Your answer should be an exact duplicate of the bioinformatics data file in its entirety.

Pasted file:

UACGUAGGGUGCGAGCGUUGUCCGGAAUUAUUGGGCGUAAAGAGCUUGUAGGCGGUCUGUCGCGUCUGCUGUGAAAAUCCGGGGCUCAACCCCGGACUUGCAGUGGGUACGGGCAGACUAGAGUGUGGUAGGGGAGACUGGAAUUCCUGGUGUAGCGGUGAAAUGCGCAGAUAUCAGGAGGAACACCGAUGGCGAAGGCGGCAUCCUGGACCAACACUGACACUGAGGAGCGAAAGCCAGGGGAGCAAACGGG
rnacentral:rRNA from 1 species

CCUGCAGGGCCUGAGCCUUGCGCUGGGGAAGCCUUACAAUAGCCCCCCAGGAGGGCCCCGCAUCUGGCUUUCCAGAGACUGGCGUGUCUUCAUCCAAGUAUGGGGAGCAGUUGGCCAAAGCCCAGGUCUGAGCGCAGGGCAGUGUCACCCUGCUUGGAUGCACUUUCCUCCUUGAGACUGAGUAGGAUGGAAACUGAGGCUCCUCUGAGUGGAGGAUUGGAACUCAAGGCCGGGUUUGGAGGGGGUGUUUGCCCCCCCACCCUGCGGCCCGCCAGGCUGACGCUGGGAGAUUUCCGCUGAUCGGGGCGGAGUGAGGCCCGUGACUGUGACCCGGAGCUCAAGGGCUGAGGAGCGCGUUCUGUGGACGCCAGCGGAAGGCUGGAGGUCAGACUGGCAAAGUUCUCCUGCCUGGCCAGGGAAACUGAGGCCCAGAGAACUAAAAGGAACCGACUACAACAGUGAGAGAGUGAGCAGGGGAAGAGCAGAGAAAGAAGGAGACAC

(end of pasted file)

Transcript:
UACGUAGGGUGCGAGCGUUGUCCGGAAUUAUUGGGCGUAAAGAGCUUGUAGGCGGUCUGUCGCGUCUGCUGUGAAAAUCCGGGGCUCAACCCCGGACUUGCAGUGGGUACGGGCAGACUAGAGUGUGGUAGGGGAGACUGGAAUUCCUGGUGUAGCGGUGAAAUGCGCAGAUAUCAGGAGGAACACCGAUGGCGAAGGCGGCAUCCUGGACCAACACUGACACUGAGGAGCGAAAGCCAGGGGAGCAAACGGG
rnacentral:rRNA from 1 species

CCUGCAGGGCCUGAGCCUUGCGCUGGGGAAGCCUUACAAUAGCCCCCCAGGAGGGCCCCGCAUCUGGCUUUCCAGAGACUGGCGUGUCUUCAUCCAAGUAUGGGGAGCAGUUGGCCAAAGCCCAGGUCUGAGCGCAGGGCAGUGUCACCCUGCUUGGAUGCACUUUCCUCCUUGAGACUGAGUAGGAUGGAAACUGAGGCUCCUCUGAGUGGAGGAUUGGAACUCAAGGCCGGGUUUGGAGGGGGUGUUUGCCCCCCCACCCUGCGGCCCGCCAGGCUGACGCUGGGAGAUUUCCGCUGAUCGGGGCGGAGUGAGGCCCGUGACUGUGACCCGGAGCUCAAGGGCUGAGGAGCGCGUUCUGUGGACGCCAGCGGAAGGCUGGAGGUCAGACUGGCAAAGUUCUCCUGCCUGGCCAGGGAAACUGAGGCCCAGAGAACUAAAAGGAACCGACUACAACAGUGAGAGAGUGAGCAGGGGAAGAGCAGAGAAAGAAGGAGACAC